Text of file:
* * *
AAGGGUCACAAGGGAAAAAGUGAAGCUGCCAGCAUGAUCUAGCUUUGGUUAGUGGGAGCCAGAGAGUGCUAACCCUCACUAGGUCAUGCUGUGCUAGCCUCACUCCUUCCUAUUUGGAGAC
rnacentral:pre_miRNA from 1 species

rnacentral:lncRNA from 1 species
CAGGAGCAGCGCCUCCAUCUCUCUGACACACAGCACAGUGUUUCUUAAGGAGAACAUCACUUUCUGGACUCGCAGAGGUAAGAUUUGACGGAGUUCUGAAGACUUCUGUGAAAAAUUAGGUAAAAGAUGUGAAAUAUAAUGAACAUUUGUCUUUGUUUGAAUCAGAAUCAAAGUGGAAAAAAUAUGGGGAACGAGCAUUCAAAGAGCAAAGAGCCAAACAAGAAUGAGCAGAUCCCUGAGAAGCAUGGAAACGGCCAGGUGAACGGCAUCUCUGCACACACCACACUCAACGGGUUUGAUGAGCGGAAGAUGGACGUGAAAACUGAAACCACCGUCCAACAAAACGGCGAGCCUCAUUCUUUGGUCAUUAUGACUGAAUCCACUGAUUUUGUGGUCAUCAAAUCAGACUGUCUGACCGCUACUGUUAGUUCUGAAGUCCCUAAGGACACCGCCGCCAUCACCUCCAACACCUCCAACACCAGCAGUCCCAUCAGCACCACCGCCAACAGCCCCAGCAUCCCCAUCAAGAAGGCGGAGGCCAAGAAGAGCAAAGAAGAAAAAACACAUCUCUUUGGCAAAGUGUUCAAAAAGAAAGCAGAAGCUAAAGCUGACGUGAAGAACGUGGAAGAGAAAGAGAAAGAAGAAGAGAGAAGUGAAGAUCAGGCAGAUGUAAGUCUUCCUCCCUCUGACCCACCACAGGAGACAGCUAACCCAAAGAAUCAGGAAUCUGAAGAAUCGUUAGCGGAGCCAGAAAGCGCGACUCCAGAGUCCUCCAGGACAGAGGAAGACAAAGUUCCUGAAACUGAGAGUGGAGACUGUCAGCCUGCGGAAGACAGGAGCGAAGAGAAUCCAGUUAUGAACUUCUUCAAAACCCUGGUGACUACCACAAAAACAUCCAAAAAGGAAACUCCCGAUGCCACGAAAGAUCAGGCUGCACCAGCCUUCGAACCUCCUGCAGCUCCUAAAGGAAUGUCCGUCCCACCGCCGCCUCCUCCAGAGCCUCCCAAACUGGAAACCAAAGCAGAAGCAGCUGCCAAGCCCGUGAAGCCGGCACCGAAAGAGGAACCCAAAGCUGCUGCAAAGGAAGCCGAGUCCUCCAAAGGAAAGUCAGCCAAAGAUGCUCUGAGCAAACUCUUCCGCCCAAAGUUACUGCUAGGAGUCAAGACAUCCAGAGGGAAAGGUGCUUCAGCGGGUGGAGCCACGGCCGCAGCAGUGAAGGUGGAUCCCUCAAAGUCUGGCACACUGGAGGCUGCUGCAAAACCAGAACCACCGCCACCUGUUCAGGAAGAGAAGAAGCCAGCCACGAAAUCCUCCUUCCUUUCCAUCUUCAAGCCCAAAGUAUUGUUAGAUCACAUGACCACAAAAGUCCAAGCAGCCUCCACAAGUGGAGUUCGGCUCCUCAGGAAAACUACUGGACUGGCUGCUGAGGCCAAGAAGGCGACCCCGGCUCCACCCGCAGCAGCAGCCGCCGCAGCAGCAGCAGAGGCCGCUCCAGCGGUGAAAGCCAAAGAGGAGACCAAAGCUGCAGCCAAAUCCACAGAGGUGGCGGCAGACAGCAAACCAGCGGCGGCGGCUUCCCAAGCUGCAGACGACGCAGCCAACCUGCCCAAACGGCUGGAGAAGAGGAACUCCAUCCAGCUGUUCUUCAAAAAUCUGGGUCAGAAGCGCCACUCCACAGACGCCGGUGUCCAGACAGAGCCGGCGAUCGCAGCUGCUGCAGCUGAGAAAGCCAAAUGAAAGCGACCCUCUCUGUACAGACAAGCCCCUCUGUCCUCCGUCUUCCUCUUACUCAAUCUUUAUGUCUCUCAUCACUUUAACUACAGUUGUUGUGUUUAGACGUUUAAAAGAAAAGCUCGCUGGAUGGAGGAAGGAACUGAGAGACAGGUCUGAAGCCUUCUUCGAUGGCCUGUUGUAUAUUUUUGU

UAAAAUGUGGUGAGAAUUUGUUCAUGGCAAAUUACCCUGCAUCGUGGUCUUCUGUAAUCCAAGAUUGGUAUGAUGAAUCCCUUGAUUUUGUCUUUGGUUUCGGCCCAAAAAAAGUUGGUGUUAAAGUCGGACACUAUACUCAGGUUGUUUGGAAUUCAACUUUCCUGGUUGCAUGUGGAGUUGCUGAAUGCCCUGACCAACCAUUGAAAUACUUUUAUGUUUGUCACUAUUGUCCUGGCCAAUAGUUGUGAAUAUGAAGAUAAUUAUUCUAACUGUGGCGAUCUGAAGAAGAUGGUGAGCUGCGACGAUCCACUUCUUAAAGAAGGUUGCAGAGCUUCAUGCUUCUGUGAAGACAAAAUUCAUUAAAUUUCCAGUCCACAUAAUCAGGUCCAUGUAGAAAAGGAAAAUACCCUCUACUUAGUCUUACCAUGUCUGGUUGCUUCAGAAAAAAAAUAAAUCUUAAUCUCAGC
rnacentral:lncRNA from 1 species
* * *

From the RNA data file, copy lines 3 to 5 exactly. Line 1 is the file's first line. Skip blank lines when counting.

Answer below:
rnacentral:lncRNA from 1 species
CAGGAGCAGCGCCUCCAUCUCUCUGACACACAGCACAGUGUUUCUUAAGGAGAACAUCACUUUCUGGACUCGCAGAGGUAAGAUUUGACGGAGUUCUGAAGACUUCUGUGAAAAAUUAGGUAAAAGAUGUGAAAUAUAAUGAACAUUUGUCUUUGUUUGAAUCAGAAUCAAAGUGGAAAAAAUAUGGGGAACGAGCAUUCAAAGAGCAAAGAGCCAAACAAGAAUGAGCAGAUCCCUGAGAAGCAUGGAAACGGCCAGGUGAACGGCAUCUCUGCACACACCACACUCAACGGGUUUGAUGAGCGGAAGAUGGACGUGAAAACUGAAACCACCGUCCAACAAAACGGCGAGCCUCAUUCUUUGGUCAUUAUGACUGAAUCCACUGAUUUUGUGGUCAUCAAAUCAGACUGUCUGACCGCUACUGUUAGUUCUGAAGUCCCUAAGGACACCGCCGCCAUCACCUCCAACACCUCCAACACCAGCAGUCCCAUCAGCACCACCGCCAACAGCCCCAGCAUCCCCAUCAAGAAGGCGGAGGCCAAGAAGAGCAAAGAAGAAAAAACACAUCUCUUUGGCAAAGUGUUCAAAAAGAAAGCAGAAGCUAAAGCUGACGUGAAGAACGUGGAAGAGAAAGAGAAAGAAGAAGAGAGAAGUGAAGAUCAGGCAGAUGUAAGUCUUCCUCCCUCUGACCCACCACAGGAGACAGCUAACCCAAAGAAUCAGGAAUCUGAAGAAUCGUUAGCGGAGCCAGAAAGCGCGACUCCAGAGUCCUCCAGGACAGAGGAAGACAAAGUUCCUGAAACUGAGAGUGGAGACUGUCAGCCUGCGGAAGACAGGAGCGAAGAGAAUCCAGUUAUGAACUUCUUCAAAACCCUGGUGACUACCACAAAAACAUCCAAAAAGGAAACUCCCGAUGCCACGAAAGAUCAGGCUGCACCAGCCUUCGAACCUCCUGCAGCUCCUAAAGGAAUGUCCGUCCCACCGCCGCCUCCUCCAGAGCCUCCCAAACUGGAAACCAAAGCAGAAGCAGCUGCCAAGCCCGUGAAGCCGGCACCGAAAGAGGAACCCAAAGCUGCUGCAAAGGAAGCCGAGUCCUCCAAAGGAAAGUCAGCCAAAGAUGCUCUGAGCAAACUCUUCCGCCCAAAGUUACUGCUAGGAGUCAAGACAUCCAGAGGGAAAGGUGCUUCAGCGGGUGGAGCCACGGCCGCAGCAGUGAAGGUGGAUCCCUCAAAGUCUGGCACACUGGAGGCUGCUGCAAAACCAGAACCACCGCCACCUGUUCAGGAAGAGAAGAAGCCAGCCACGAAAUCCUCCUUCCUUUCCAUCUUCAAGCCCAAAGUAUUGUUAGAUCACAUGACCACAAAAGUCCAAGCAGCCUCCACAAGUGGAGUUCGGCUCCUCAGGAAAACUACUGGACUGGCUGCUGAGGCCAAGAAGGCGACCCCGGCUCCACCCGCAGCAGCAGCCGCCGCAGCAGCAGCAGAGGCCGCUCCAGCGGUGAAAGCCAAAGAGGAGACCAAAGCUGCAGCCAAAUCCACAGAGGUGGCGGCAGACAGCAAACCAGCGGCGGCGGCUUCCCAAGCUGCAGACGACGCAGCCAACCUGCCCAAACGGCUGGAGAAGAGGAACUCCAUCCAGCUGUUCUUCAAAAAUCUGGGUCAGAAGCGCCACUCCACAGACGCCGGUGUCCAGACAGAGCCGGCGAUCGCAGCUGCUGCAGCUGAGAAAGCCAAAUGAAAGCGACCCUCUCUGUACAGACAAGCCCCUCUGUCCUCCGUCUUCCUCUUACUCAAUCUUUAUGUCUCUCAUCACUUUAACUACAGUUGUUGUGUUUAGACGUUUAAAAGAAAAGCUCGCUGGAUGGAGGAAGGAACUGAGAGACAGGUCUGAAGCCUUCUUCGAUGGCCUGUUGUAUAUUUUUGU

UAAAAUGUGGUGAGAAUUUGUUCAUGGCAAAUUACCCUGCAUCGUGGUCUUCUGUAAUCCAAGAUUGGUAUGAUGAAUCCCUUGAUUUUGUCUUUGGUUUCGGCCCAAAAAAAGUUGGUGUUAAAGUCGGACACUAUACUCAGGUUGUUUGGAAUUCAACUUUCCUGGUUGCAUGUGGAGUUGCUGAAUGCCCUGACCAACCAUUGAAAUACUUUUAUGUUUGUCACUAUUGUCCUGGCCAAUAGUUGUGAAUAUGAAGAUAAUUAUUCUAACUGUGGCGAUCUGAAGAAGAUGGUGAGCUGCGACGAUCCACUUCUUAAAGAAGGUUGCAGAGCUUCAUGCUUCUGUGAAGACAAAAUUCAUUAAAUUUCCAGUCCACAUAAUCAGGUCCAUGUAGAAAAGGAAAAUACCCUCUACUUAGUCUUACCAUGUCUGGUUGCUUCAGAAAAAAAAUAAAUCUUAAUCUCAGC